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if they got half a chance. They're not so holy as they make 

His heart leapt. Scores of times she had done it: he wished 
it had been hundreds — thousands. Anything that hinted at 
corruption always filled him with a wild hope. Who knew, 
perhaps the Party was rotten under the surface, its cult of 
strenuousness and self-denial simply a sham concealing in- 
iquity. If he could have infected the whole lot of them with 
leprosy or syphilis, how gladly he would have done so! Any- 
thing to rot, to weaken, to undermine! He pulled her down 
so that they were kneeling face to face. 

'Listen. The more men you've had, the more I love you. 
Do you understand that?' 

'Yes, perfectly' 

'I hate purity, I hate goodness! I don't want any virtue 
to exist anywhere. I want everyone to be corrupt to the 

'Well then, I ought to suit you, dear. I'm corrupt to the 

'You like doing this? I don't mean simply me: I mean the 
thing in itself?' 

'I adore it.' 

That was above all what he wanted to hear. Not merely 
the love of one person but the animal instinct, the simple 
undifferentiated desire: that was the force that would tear 
the Party to pieces. He pressed her down upon the grass, 
among the fallen bluebells. This time there was no difficul- 
ty Presently the rising and falling of their breasts slowed 
to normal speed, and in a sort of pleasant helplessness they 


fell apart. The sun seemed to have grown hotter. They were 
both sleepy. He reached out for the discarded overalls and 
pulled them partly over her. Almost immediately they fell 
asleep and slept for about half an hour. 

Winston woke first. He sat up and watched the freck- 
led face, still peacefully asleep, pillowed on the palm of her 
hand. Except for her mouth, you could not call her beauti- 
ful. There was a line or two round the eyes, if you looked 
closely. The short dark hair was extraordinarily thick and 
soft. It occurred to him that he still did not know her sur- 
name or where she lived. 

The young, strong body, now helpless in sleep, awoke in 
him a pitying, protecting feeling. But the mindless tender- 
ness that he had felt under the hazel tree, while the thrush 
was singing, had not quite come back. He pulled the over- 
alls aside and studied her smooth white flank. In the old 
days, he thought, a man looked at a girl's body and saw that 
it was desirable, and that was the end of the story. But you 
could not have pure love or pure lust nowadays. No emo- 
tion was pure, because everything was mixed up with fear 
and hatred. Their embrace had been a battle, the climax a 
victory. It was a blow struck against the Party. It was a po-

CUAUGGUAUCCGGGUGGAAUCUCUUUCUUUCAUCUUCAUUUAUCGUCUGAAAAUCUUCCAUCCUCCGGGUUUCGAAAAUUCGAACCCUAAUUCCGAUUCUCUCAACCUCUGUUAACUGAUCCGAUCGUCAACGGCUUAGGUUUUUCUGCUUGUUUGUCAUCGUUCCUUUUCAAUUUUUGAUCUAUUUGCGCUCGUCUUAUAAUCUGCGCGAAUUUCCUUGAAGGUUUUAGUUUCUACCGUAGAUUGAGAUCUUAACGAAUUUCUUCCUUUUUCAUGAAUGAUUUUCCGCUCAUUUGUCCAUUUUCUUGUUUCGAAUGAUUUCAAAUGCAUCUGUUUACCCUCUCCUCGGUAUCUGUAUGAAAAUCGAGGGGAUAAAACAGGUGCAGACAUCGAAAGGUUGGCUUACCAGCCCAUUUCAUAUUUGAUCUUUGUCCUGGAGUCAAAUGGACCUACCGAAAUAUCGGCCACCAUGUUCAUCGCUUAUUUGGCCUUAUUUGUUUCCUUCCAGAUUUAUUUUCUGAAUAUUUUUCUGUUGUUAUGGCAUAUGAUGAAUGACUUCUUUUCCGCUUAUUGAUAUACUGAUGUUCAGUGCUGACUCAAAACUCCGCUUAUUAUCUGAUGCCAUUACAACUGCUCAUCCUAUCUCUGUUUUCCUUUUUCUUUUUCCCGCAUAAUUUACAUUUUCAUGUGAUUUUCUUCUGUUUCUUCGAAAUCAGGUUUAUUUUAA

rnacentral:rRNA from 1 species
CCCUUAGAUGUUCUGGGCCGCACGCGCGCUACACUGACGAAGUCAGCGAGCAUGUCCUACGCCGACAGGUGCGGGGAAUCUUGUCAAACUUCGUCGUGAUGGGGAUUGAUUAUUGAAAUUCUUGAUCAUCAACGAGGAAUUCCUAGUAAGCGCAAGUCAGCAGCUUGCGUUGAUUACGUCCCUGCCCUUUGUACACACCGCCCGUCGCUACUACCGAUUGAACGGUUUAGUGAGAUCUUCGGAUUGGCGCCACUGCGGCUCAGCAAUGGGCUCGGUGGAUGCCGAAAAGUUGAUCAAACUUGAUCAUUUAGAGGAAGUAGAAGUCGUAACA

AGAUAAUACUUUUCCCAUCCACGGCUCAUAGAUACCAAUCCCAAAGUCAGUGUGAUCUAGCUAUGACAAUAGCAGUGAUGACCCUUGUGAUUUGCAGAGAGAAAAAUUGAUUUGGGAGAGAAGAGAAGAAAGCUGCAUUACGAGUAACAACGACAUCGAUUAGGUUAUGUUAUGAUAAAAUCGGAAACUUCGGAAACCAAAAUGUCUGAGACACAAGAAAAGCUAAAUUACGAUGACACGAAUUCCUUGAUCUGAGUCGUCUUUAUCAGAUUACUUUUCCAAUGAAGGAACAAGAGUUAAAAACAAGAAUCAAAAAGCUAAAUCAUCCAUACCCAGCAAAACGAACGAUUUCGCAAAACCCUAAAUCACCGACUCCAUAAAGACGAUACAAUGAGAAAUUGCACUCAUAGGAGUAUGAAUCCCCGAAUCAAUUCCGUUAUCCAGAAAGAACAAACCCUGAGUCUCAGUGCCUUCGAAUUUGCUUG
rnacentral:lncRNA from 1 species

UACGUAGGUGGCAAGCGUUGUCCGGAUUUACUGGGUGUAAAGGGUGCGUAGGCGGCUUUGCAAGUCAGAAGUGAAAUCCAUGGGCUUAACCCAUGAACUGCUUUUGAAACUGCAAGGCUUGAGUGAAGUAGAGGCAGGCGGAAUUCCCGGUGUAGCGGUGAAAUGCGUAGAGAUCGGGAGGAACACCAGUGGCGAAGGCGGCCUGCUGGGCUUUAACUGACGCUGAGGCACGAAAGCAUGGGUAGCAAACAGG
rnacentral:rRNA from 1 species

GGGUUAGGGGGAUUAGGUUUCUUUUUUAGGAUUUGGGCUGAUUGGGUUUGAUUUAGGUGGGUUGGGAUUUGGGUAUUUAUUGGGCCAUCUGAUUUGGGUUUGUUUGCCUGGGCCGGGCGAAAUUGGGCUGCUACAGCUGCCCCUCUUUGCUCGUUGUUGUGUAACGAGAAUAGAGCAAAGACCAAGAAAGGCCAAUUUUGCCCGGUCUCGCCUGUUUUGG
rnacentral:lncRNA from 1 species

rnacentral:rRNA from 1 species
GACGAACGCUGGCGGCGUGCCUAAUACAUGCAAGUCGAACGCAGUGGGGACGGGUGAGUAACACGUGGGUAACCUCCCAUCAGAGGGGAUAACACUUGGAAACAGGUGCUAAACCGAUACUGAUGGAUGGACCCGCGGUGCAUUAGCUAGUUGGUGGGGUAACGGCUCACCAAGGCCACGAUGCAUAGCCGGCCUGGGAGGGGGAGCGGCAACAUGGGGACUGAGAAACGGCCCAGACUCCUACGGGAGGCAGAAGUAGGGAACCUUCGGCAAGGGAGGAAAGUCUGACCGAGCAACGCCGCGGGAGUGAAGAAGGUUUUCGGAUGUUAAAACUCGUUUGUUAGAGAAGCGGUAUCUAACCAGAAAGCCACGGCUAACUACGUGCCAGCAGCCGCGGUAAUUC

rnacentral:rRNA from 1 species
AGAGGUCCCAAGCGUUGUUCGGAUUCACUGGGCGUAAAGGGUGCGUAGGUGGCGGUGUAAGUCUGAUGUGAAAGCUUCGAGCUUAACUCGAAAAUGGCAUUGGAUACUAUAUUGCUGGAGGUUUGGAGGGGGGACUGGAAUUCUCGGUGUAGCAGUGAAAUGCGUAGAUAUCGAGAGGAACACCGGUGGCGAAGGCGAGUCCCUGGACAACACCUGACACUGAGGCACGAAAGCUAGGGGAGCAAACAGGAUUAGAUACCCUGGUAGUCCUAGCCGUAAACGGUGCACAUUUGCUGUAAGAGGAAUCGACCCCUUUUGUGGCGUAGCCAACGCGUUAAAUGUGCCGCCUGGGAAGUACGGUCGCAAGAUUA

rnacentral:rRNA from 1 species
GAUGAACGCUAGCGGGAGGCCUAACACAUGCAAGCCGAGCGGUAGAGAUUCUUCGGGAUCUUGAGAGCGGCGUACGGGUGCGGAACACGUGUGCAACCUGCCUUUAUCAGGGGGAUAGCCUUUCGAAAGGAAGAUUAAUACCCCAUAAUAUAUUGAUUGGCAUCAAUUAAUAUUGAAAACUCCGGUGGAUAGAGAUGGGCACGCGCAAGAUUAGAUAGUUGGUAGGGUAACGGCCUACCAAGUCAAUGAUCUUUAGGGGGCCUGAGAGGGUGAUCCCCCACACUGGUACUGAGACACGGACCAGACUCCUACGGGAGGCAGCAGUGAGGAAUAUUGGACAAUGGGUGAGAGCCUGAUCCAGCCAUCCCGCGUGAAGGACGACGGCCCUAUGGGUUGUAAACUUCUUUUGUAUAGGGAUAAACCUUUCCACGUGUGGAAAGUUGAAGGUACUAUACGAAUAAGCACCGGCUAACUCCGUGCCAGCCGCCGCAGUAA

litical act. 

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Chapter 3 

^ We can come here once again,' said Julia. 'It's generally safe 
to use any hide-out twice. But not for another month or 
two, of course.' 

As soon as she woke up her demeanour had changed. She 
became alert and business-like, put her clothes on, knot- 
ted the scarlet sash about her waist, and began arranging 
the details of the journey home. It seemed natural to leave 
this to her. She obviously had a practical cunning which 
Winston lacked, and she seemed also to have an exhaus- 
tive knowledge of the countryside round London, stored 
away from innumerable community hikes. The route she 
gave him was quite different from the one by which he had 
come, and brought him out at a different railway station. 
'Never go home the same way as you went out,' she said, as 
though enunciating an important general principle. She 
would leave first, and Winston was to wait half an hour be- 
fore following her. 

She had named a place where they could meet after work, 
four evenings hence. It was a street in one of the poorer 
quarters, where there was an open market which was gener- 
ally crowded and noisy. She would be hanging about among 
the stalls, pretending to be in search of shoelaces or sewing- 
thread. If she judged that the coast was clear she would blow 
her nose when he approached; otherwise he was to walk 


past her without recognition. But with luck, in the middle 
of the crowd, it would be safe to talk for a quarter of an hour 
and arrange another meeting. 

'And now I must go,' she said as soon as he had mastered 
his instructions. 'I'm due back at nineteen-thirty. I've got to 
put in two hours for the Junior Anti-Sex League, handing 
out leaflets, or something. Isn't it bloody? Give me a brush- 
down, would you? Have I got any twigs in my hair? Are you 
sure? Then good-bye, my love, good-bye!' 

She flung herself into his arms, kissed him almost vi- 
olently, and a moment later pushed her way through the 
saplings and disappeared into the wood with very little 
noise. Even now he had not found out her surname or her 
address. However, it made no difference, for it was incon- 
ceivable that they could ever meet indoors or exchange any 
kind of written communication. 

As it happened, they never went back to the clearing in 
the wood. During the month of May there was only one 
further occasion on which they actually succeeded in mak- 
ing love. That was in another hiding-place known to Julia, 
the belfry of a ruinous church in an almost- deserted stretch 
of country where an atomic bomb had fallen thirty years 
earlier. It was a good hiding-place when once you got there, 
but the getting there was very dangerous. For the rest they 
could meet only in the streets, in a different place every eve- 
ning and never for more than half an hour at a time. In the